NetApp Virtual Storage Console Default Provisioning and Cloning Settings

As a VMware administrator, if you aren’t using Virtual Storage Console (it’s free!) to assist with administering your NetApp storage, you’re missing out on a great tool. It simplifies a lot of tasks through abstraction and a GUI. That being said, I know not everyone has that advantage, especially if you work for an organization where silos are still alive and well.

In order to facilitate best practices when it comes to creating datastores, whether FC/iSCSI LUNs or NFS, I want to publish the settings that VSC uses to create the volumes. As a VMware administrator, you can approach the storage team and ensure the volumes/LUNs/etc. are configured in this manner, or as the storage administrator this is the baseline for VSC configures them.

Remember that these are best practices / recommendations only. They ALWAYS come with the “it depends” caveat…every setup is different, so not all of these may be appropriate for you and your environment.

All of these settings are documented in the VSC Installation and Administration Guide. Additionally, justification and rationale can be found in TR-3749 and TR-4068, the two best practices guides for using vSphere and NetApp together.

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NetApp: Change Virtual Storage Console (VSC) SSL Certificates

Glenn posited an interesting question this morning…how to change the SSL certificate that VSC uses to one that is signed by your CA so that the warning(s) would no longer appear. Turns out it’s significantly more difficult that it probably should be, but it is possible.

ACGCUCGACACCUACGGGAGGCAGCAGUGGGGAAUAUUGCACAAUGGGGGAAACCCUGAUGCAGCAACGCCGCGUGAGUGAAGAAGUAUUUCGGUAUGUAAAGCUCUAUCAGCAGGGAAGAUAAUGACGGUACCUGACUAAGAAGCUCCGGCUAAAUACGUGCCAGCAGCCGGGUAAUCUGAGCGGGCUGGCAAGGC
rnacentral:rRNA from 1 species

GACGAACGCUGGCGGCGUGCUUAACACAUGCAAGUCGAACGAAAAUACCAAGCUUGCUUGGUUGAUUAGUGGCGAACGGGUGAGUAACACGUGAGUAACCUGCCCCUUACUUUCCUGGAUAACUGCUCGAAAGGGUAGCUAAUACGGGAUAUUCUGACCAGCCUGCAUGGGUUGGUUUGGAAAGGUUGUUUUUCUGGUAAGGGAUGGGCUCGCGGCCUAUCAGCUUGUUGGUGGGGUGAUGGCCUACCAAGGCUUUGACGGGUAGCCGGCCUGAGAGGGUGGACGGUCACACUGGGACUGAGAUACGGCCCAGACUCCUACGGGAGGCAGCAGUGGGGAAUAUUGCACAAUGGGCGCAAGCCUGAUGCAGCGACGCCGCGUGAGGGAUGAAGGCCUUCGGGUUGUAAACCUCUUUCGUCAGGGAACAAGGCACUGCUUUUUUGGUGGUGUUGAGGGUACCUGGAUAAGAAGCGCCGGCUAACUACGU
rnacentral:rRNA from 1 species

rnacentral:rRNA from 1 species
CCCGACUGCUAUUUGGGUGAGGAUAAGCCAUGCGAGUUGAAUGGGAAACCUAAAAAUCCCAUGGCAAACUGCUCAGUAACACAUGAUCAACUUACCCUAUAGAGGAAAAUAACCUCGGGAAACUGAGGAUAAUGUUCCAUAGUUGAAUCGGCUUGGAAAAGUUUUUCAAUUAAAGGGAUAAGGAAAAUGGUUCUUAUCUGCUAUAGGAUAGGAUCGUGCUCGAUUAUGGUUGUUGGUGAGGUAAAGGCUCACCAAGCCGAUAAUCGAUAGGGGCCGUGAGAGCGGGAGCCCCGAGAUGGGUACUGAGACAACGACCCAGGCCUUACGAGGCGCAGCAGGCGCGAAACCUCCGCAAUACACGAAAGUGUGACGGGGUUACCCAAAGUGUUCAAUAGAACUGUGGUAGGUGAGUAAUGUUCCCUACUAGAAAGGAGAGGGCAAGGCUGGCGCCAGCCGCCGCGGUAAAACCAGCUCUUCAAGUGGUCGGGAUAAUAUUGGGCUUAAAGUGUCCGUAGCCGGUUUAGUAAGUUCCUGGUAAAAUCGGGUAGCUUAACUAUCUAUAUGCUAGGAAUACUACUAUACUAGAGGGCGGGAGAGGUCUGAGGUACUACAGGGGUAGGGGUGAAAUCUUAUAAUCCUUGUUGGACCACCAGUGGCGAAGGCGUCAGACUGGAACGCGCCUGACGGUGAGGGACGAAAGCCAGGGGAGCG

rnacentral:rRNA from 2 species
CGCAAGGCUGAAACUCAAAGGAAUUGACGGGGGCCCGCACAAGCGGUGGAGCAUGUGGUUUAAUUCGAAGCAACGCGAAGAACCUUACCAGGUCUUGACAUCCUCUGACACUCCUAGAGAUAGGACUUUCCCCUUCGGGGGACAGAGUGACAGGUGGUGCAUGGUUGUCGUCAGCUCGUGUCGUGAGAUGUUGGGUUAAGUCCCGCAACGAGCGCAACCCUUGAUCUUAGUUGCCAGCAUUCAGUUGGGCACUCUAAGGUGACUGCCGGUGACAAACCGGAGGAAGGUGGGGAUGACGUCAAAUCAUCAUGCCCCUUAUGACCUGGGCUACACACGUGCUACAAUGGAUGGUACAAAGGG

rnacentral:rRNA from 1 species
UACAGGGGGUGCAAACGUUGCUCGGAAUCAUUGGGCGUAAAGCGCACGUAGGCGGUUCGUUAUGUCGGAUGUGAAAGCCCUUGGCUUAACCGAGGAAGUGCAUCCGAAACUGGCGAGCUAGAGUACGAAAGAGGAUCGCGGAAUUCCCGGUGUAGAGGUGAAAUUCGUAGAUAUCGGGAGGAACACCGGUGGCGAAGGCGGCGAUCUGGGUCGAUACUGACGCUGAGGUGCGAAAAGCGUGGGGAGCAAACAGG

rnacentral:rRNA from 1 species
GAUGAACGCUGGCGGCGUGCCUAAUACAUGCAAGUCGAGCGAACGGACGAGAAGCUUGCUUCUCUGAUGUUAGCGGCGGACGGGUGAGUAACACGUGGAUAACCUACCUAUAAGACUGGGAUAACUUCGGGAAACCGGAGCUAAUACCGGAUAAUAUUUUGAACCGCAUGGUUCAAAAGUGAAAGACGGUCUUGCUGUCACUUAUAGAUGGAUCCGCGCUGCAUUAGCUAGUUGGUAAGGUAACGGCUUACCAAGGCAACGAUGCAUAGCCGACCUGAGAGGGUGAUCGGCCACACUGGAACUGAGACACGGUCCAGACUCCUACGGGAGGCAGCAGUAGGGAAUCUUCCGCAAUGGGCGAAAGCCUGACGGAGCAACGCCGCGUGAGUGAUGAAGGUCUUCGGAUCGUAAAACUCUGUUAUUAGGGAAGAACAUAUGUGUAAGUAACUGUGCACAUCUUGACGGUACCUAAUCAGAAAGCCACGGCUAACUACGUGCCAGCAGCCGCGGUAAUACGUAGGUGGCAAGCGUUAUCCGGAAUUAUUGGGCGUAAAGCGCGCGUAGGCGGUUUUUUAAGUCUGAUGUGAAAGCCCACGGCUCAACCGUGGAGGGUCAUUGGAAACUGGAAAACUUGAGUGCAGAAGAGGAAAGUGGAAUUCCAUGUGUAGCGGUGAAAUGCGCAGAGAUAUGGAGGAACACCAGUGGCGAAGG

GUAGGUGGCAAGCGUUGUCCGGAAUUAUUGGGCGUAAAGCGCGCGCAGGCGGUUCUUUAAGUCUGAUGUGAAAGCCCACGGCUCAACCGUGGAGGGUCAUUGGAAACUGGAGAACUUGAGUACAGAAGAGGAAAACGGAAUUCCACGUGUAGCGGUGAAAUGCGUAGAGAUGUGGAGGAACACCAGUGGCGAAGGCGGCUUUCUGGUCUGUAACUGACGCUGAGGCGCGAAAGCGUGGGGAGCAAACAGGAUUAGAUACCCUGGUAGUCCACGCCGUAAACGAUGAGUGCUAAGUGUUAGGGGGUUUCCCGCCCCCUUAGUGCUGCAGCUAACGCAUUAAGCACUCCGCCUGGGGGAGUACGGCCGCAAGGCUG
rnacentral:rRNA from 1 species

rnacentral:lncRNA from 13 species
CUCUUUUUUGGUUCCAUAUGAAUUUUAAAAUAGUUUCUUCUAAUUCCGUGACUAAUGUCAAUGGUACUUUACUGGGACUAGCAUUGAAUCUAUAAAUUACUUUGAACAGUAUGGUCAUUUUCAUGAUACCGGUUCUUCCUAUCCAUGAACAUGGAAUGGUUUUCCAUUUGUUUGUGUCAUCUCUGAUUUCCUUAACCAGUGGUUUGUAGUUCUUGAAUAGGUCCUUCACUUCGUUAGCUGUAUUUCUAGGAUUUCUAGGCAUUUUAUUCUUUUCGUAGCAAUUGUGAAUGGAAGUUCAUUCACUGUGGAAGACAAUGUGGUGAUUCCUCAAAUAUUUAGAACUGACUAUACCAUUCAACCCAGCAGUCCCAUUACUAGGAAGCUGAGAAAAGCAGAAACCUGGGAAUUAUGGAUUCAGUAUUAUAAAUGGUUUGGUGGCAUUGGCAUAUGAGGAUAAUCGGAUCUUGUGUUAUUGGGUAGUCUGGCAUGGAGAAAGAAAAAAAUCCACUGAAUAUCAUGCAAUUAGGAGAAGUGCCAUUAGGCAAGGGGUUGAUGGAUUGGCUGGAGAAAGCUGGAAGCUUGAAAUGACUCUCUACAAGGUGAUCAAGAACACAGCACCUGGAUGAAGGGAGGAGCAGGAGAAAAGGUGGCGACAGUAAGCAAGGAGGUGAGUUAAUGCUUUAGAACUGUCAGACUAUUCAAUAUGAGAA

First, let me say that NetApp probably hates me doing this and will not support your VSC install in anyway should you modify the key. Also, keep in mind that any updates to VSC may over write the key, thus undoing any of this work. So, proceed at your own risk…

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PowerCLI: Force NetApp Virtual Storage Console (VSC) to use a FQDN

First let me say, I love VCS, it took all of the complexity out of using NetApp storage in a vSphere environment.  I have been tolerating one annoyance for quite some time now, and this morning said annoyance broke VCS at a customer site. What’s wrong with VCS? Well, for some reason it forces you to register the plugin with vCenter using an IP address.  Due to an over-restrictive proxy configuration, which caused only fully qualified domain names(FQDN) worked. Any IP address was redirected to an web page that explained said over-restricted policy, because VCS is mainly a web page the use of an IP address broke everything.  I searched around a little, and found Williams Lams post on removing plug-ins with the MOB. Once I found the pivot point for Plug-ins, I searched the API Reference, and found the ExtensionManager object.   Now that I had the Object in hand, I fired up PowerCLI and in less than 10 min figured out how to manually adjust the URL VSC used. It was so easy that I think I’m going to try and slap together a quick module to manage plug-ins via PowerCLI, but in the meantime if you, like me, have been frustrated by VSCs use of an IP address… try this.

Monitoring for orphaned snapshots left by SMVI

NetApp’s SnapManager for Virtual Infrastructure (SMVI) is a great product, but it’s messy. If it encounters the any error, it seemingly forgets to delete the virtual machine snapshots from the Virtual Infrastructure before dying.

To prevent many orphans (I’ve seen as many as 20 on a single virtual machine) from happening, I created a quick Nagios check that simply alerts when it sees them.

This script is very elementary. It very simply uses a regex to check for any snapshots that match the default SMVI naming convention. For each one it finds, a counter is incremented. If any are found, the script returns an error to Nagios, which causes an alert to be sent.

I’ve set the check to execute once an hour in my environment, as I don’t feel that granularity finer than that is needed…an hour’s worth of change is ok for an SMVI snapshot for me.